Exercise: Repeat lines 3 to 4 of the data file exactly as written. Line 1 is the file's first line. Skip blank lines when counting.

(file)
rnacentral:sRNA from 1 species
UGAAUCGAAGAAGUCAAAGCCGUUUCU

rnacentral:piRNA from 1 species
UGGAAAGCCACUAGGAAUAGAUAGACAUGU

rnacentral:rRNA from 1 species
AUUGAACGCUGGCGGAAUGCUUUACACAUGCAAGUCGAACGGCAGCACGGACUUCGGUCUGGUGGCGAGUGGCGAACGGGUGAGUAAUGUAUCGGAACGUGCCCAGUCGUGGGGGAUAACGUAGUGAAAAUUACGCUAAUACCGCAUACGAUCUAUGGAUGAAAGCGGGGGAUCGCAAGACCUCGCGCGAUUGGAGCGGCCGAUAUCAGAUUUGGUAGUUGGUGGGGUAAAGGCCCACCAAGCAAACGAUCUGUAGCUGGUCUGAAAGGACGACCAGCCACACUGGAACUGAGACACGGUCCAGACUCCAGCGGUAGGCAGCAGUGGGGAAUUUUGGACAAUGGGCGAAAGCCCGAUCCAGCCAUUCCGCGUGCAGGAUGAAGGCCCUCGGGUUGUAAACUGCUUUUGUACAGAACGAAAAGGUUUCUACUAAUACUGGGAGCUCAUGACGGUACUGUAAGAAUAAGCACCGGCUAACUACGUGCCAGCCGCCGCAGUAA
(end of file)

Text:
rnacentral:piRNA from 1 species
UGGAAAGCCACUAGGAAUAGAUAGACAUGU